What Is My Specific Public Benefit Purpose?
Certain jurisdictions permit benefit corporations to name a specific public benefit that the corporation will pursue, while others require a specific purpose. The specific public benefit purpose must be named in the corporation’s certificate of incorporation. State statutes provide some guidance on the types of purposes that may be included, but corporations will want to draft specific language that is appropriate for them. Drafting a specific purpose provision represents an opportunity to focus on and refine a corporation’s mission and priorities. Below are some examples of specific purpose provisions:
- Nutrition: The delivery of nourishing, organic food to the nation’s little ones and raising awareness and advancing solutions for childhood hunger and malnutrition in the United States.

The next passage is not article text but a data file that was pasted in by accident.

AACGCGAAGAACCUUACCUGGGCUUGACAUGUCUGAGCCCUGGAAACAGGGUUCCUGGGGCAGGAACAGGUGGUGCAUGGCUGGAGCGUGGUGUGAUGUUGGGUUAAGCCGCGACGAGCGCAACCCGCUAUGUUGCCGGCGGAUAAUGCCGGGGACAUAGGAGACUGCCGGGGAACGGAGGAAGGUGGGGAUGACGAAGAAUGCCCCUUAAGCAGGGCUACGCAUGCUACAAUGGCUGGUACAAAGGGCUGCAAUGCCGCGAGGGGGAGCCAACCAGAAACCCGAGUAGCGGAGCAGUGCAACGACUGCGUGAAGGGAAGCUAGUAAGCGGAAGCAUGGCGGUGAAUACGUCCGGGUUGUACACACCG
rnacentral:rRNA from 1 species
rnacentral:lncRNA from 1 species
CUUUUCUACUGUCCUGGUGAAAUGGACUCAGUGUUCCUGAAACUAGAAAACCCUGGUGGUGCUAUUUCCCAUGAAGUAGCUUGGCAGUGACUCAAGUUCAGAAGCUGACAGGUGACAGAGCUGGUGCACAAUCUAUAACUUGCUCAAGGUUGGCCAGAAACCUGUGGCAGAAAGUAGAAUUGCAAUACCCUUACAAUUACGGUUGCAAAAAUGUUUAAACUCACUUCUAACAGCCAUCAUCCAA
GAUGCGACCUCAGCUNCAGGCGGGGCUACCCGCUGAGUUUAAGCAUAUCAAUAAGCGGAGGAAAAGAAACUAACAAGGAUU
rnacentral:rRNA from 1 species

- Unemployment: Build healthy communities, create jobs, and combat the social and economic ill effects of chronic joblessness in communities across America.
- Education: The Corporation also has a specific public benefit purpose to promote innovation in education and improved access to quality schooling.
- Breast Milk: The specific public benefits of increasing access to safe, high quality human donor milk adapted for neonatal clinical and post-discharge settings; increasing breastfeeding rates and the economic empowerment of women; and supporting related research.
- Developing Countries: Benefit International community development in developing countries.
- Environmental Sustainability: Increasing environmental sustainability by fostering and facilitating the reuse of durable goods.